The iconic scientist, who was 98, is best remembered for his groundbreaking work in ensuring India’s food security.
Mankombu Sambasivan Swaminathan, renowned agricultural scientist and the driving force behind the nation’s “Green Revolution”, passed away in Chennai on September 28. He was 98 and is survived by three daughters.
The celebrated agriculture icon was being treated for age-related illness for quite some time, sources at the Chennai-based M.S. Swaminathan Research Foundation said.
Swaminathan was instrumental in introducing industrial farming to India and is best remembered for his groundbreaking work in ensuring the nation’s food security. The Green Revolution, which took off in 1966 when a high-yielding, disease-resistant variant of wheat was shipped into Punjab from Mexico, became an epoch-making event.
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The initiative, now dubbed a transformational era in Indian agriculture, introduced high-yielding cereal varieties and expanded the use of irrigation and fertilizers. Grain production increased exponentially at a time when India was beset with widespread starvation. It turned Punjab and Haryana into bread baskets for wheat and rice production, helping low-income farmers. It rescued the country from an impending mass famine and over-dependence on foreign aid that hindered diplomatic independence.
For his work, Swaminathan was named one of the 20 most influential Asians of the 20th century by Time magazine.
Swaminathan also held administrative positions in various agricultural research institutes in India and served as a top planner at the Indian Council of Agricultural Research between 1972 and 1979. He received the Padma Vibhushan, one of India’s top civilian honours, in 1989. He also served as a lawmaker in the Rajya Sabha.
Tributes flow in
Prime Minister Narendra Modi expressed grief at the death of the eminent scientist and said Swaminathan’s work in agriculture was transformative.
“Deeply saddened by the demise of Dr MS Swaminathan Ji. At a very critical period in our nation’s history, his groundbreaking work in agriculture transformed the lives of millions and ensured food security for our nation,” Modi said in a post on X (formerly Twitter).
He further said, ”Beyond his revolutionary contributions to agriculture, Dr. Swaminathan was a powerhouse of innovation and a nurturing mentor to many. His unwavering commitment to research and mentorship has left an indelible mark on countless scientists and innovators.” Modi said he would always cherish his conversations with Swaminathan and added that his passion to see India progress was exemplary.
The Congress party paid rich tributes to Swaminathan, describing him as the key scientific architect of the Green Revolution and hailing his contribution to the agriculture sector.
Congress general secretary Jairam Ramesh said Swaminathan made India self-sufficient in rice and wheat by the mid-1970s. “He was a great institution builder, an inspiring teacher, a motivational leader, but above all, a man of the greatest humility and sobriety who allowed his achievements both in India and other parts of Asia to speak for themselves,” he said. Ramesh said it was because of him that Indira Gandhi created the Department of Agricultural Research and Education in April 1972. “Keeping in view the imperatives for ecological sustainability, he was the first to call for the Green Revolution to become what he called an EverGreen Revolution,” he noted.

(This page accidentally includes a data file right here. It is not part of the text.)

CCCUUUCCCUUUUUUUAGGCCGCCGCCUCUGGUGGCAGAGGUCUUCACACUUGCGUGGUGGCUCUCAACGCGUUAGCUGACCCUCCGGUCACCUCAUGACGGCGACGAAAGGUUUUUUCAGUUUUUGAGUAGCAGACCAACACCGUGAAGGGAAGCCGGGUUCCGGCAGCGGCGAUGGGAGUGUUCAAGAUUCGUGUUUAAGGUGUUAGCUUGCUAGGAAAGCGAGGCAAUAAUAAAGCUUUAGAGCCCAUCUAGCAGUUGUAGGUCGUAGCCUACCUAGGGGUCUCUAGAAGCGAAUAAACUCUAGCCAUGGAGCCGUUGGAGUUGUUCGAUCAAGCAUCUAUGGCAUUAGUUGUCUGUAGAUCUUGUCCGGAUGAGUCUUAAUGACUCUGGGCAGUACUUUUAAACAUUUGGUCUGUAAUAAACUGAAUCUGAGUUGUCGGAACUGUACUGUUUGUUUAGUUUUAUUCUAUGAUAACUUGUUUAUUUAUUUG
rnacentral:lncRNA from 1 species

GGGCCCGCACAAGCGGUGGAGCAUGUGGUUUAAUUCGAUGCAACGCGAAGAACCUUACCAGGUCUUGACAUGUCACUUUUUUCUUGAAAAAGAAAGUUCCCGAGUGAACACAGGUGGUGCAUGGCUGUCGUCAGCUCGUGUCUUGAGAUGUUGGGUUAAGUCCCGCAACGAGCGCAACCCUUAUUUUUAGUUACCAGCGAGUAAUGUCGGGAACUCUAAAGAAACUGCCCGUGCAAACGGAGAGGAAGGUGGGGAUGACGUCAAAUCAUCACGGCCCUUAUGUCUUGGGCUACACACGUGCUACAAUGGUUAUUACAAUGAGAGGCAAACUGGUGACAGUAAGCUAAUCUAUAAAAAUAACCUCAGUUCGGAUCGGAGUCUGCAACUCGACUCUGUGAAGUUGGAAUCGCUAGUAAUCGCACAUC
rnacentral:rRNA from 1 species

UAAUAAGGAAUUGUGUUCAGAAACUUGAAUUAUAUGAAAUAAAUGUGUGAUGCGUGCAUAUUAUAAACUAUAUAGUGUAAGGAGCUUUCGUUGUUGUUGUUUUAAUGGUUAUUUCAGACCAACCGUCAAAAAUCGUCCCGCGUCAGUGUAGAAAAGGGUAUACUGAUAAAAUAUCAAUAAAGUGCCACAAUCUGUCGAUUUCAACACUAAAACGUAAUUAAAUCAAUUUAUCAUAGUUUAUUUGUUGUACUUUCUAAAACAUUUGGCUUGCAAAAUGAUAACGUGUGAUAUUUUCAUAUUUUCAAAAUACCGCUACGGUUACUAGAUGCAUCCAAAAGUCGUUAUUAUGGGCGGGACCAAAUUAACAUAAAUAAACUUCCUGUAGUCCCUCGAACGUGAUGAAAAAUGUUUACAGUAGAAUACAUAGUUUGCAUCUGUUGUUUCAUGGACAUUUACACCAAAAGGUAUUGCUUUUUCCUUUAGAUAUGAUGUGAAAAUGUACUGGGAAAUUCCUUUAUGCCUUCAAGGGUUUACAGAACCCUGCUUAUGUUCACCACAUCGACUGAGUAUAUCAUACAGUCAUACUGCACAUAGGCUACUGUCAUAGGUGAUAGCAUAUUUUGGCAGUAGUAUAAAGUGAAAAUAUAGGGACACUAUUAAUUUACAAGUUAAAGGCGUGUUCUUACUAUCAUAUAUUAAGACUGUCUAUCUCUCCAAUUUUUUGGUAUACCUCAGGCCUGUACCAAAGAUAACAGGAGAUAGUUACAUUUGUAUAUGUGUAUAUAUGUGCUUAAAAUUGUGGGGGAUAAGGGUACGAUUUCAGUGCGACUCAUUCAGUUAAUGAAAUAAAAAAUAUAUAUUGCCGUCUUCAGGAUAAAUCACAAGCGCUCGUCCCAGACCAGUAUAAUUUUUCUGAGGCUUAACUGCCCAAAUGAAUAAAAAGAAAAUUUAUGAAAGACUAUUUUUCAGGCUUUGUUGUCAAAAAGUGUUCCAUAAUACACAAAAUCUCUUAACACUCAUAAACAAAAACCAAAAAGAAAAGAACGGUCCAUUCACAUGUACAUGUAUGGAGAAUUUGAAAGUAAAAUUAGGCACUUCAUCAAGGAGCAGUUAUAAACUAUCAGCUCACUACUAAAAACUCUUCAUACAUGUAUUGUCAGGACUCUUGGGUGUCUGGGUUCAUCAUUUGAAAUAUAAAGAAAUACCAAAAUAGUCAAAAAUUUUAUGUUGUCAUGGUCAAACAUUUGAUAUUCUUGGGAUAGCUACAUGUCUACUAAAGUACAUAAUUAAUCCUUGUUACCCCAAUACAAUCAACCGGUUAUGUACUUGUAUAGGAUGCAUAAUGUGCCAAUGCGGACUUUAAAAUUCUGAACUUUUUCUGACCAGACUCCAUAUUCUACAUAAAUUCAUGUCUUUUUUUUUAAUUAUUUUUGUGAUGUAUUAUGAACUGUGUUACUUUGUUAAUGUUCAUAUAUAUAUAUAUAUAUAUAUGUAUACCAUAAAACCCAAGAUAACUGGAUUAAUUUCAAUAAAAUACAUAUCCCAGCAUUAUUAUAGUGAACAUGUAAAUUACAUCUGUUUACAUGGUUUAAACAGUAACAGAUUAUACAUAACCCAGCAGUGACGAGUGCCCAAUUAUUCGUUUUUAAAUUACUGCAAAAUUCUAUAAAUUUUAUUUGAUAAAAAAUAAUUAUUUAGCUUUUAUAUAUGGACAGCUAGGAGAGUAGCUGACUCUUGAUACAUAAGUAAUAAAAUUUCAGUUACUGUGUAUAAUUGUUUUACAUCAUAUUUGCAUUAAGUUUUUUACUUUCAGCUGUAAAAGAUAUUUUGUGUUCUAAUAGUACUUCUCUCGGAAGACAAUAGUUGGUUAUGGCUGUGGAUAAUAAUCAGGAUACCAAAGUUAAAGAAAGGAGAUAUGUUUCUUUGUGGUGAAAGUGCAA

He spent the last three decades propagating this cause, both in government and through the research foundation established by him in Chennai, Ramesh said. “He will remain an iconic figure. I was in regular touch with him and every interaction was a source of great education for me,” he said in a post on X.
Former Prime Minister H.D. Deve Gowda, Tamil Nadu Chief Minister M.K. Stalin, Delhi Chief Minister Arvind Kejriwal, and Karnataka Chief Minister Siddaramaiah also condoled Swaminathan’s death.
End of an era
An era of agricultural research, education, and extension marked by disruptive innovations has come to an end with the death of M.S. Swaminathan, Indian Agricultural Research Institute (IARI) Director A.K. Singh said.
“In passing away of Prof. Swaminathan, ends an era of agricultural research, education and extension that was full of disruptive innovation. If God appears to poor and hungry in form of bread as said by Mahatma Gandhi, that God is Dr. Swaminathan who should be worshipped by every citizen while taking daily meals,” Singh said in a statement.
Noted farmer leader Rakesh Tikait also paid tribute to Swaminathan. He remembered the iconic scientist saying that India will always remember the positive changes that M.S. Swaminathan brought to the country’s agriculture and farmers.
“The news of the death of famous agricultural scientist Dr MS Swaminathan, the father of the Green Revolution, is deeply saddening,” Tikait, the national spokesperson for the Bharatiya Kisan Union, posted in Hindi on X. “This country will always remember his contribution to the positive changes to the condition of Indian agriculture and farmers, and for food security. We will all continue this fight for your ideas together.”
Javier Perez de Cuellar, former Secretary General of the United Nations, called Swaminathan “a living legend who will go into the annals of history as a world scientist of rare distinction”.
(with inputs from PTI and AP)